The Write Stuff
As a school we have adopted “The Write Stuff” by Jane Constantine to bring clarity to the mechanics of writing. This approach is being followed from Year 1 through to Year 6. It allows children to apply basic skills, vocabulary and grammar knowledge to write effective sentences, which are full of impact and keep the reader interested. They should be able to see that every sentence they have worked hard to shape has value and a well-earned place in the final piece.
‘The Write Stuff’ follows a method called ‘Sentence Stacking’ which refers to the fact that sentences are stacked together and organised to engage children with short, intensive moments of learning that they can then immediately apply to their own writing. This approach has a heavy focus on writing at a sentence level, with attention being paid to intent and impact on the reader, but also the importance of language acquisition.
In The Write Stuff approach to writing, the children explore high level, rich vocabulary and are taught grammar in context through different writing lenses on the Writing Rainbow. There are three lenses used to support children with their writing:
- The FANTASTICs which are an acronym that summarise the ideas of writing
- The GRAMMARISTIC is a classroom tool that enables the teacher to drive key grammar messages.
- The BOMBASTICs which helps children capture 10 ways of adding drama and poetic devices to writing in a vivid visual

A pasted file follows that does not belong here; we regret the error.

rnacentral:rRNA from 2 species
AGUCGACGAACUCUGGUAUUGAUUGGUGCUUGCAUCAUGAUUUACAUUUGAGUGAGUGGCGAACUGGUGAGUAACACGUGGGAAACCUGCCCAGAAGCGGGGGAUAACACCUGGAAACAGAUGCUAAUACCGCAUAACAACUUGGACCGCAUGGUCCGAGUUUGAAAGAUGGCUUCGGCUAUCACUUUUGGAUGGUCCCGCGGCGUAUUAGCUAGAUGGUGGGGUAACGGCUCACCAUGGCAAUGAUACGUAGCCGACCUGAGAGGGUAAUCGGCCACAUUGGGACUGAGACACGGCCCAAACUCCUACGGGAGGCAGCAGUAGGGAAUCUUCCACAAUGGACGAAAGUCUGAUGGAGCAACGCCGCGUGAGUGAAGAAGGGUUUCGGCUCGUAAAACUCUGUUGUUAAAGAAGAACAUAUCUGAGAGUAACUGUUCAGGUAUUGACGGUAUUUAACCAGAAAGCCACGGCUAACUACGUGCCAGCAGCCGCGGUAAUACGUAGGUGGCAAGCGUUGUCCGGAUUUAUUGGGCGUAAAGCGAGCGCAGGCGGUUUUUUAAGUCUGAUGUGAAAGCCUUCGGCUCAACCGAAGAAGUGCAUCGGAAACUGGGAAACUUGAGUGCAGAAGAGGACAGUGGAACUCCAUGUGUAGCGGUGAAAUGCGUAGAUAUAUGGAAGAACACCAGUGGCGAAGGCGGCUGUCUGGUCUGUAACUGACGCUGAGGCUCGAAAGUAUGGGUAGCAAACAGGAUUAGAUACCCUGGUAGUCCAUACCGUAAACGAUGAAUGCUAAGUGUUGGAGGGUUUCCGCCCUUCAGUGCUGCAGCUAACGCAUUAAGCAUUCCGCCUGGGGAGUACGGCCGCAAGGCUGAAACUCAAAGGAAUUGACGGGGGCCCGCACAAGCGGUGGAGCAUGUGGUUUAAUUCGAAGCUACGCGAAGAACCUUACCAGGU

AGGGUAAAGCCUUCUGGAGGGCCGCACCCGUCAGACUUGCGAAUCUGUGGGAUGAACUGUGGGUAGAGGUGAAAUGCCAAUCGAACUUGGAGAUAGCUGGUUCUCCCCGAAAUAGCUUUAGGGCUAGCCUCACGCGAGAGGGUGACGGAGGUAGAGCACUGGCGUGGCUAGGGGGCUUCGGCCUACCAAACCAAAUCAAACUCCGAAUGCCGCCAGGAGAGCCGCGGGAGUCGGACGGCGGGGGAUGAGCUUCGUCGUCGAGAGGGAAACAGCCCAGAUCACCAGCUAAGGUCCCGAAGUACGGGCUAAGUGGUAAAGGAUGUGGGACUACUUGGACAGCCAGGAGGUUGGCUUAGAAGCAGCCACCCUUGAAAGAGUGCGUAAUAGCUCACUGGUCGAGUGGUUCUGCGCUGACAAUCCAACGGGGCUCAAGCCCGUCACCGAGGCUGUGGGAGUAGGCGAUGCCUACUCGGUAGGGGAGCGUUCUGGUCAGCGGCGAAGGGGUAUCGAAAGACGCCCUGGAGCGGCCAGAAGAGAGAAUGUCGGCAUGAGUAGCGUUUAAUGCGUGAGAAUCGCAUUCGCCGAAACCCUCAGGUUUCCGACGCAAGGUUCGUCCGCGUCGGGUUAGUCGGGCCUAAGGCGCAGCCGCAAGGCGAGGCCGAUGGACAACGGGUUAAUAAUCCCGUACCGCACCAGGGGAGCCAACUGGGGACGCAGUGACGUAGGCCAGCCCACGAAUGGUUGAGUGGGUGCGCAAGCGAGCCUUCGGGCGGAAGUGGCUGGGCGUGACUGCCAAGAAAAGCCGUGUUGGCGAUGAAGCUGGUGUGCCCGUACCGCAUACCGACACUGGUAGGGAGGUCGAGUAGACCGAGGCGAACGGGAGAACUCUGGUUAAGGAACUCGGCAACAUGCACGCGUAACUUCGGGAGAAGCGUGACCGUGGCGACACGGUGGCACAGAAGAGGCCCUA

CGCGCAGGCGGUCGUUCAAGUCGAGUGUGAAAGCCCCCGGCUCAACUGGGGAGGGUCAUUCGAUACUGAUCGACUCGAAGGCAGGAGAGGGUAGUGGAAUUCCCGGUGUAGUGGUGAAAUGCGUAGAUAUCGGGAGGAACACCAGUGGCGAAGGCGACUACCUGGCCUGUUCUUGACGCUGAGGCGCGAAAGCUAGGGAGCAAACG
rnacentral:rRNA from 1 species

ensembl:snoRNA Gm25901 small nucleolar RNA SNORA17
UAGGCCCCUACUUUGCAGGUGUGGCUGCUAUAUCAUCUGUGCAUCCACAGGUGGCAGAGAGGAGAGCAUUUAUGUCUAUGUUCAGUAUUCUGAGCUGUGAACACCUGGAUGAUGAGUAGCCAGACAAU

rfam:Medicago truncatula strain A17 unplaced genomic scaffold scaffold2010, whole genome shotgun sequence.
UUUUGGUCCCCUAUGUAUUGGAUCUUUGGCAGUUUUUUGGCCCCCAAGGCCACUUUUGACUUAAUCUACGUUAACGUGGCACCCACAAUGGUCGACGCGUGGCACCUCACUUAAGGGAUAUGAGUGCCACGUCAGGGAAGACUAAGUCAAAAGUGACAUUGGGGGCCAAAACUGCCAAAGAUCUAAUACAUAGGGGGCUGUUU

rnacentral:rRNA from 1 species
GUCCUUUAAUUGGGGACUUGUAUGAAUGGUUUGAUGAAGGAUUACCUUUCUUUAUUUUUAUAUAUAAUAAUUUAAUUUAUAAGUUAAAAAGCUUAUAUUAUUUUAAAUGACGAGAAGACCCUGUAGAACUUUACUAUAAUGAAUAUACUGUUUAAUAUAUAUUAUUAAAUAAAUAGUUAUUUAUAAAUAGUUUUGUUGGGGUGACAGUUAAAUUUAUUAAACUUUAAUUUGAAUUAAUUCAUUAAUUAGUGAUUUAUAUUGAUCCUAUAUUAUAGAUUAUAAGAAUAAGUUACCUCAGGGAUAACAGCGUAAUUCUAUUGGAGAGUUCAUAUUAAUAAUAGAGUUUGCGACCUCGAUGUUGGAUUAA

Within a sentence stacking lesson, modelling is at the heart and writing is broken into bite-sized chunks and taught under the structural framework of The Writing Rainbow. Teachers prepare children for writing by modelling the ideas, grammar or techniques of writing. There are 3 learning chunks within a lesson, each chunk involving collecting words, phrases or ideas on their Thinking Page to then use in their sentence on their Writing Page. The model acts as a support hook for the weakest writers whilst the highest-attaining writers can write to the brief yet still showcase their full competencies.
Once children have experienced these sentence stacking lessons, and created a piece of writing together, they then complete an Independent Writing task where they are encouraged to use the skills they have learnt. This is where they will work through different stages of writing, taking it from an idea, to a piece of writing. In KS2, this writing is then published with their edits included, so that they can take pride in what they have produced.
From Year 3, children will begin to move away from phase 6 phonics and begin to learn spelling rules. This is done in class throughout the week, where children are taught to identify the patterns and rules of various spelling families.
Spelling lists will be sent home to learn where possible. Below is a document showing various strategies of learning the spellings that we use in school that could be used at home as well.
For Handwriting, we are now using Letter Join. Correct letter formation is taught and practised in EYFS along with patterns. Year 1 and 2 continue to print letters until they are ready to begin writing in the cursive style towards the end of Year 2. Handwriting is taught through Letter Join throughout the school, with the use of Little Wandle letter formation rhymes to support EYFS and KS1.
You can find examples of this below.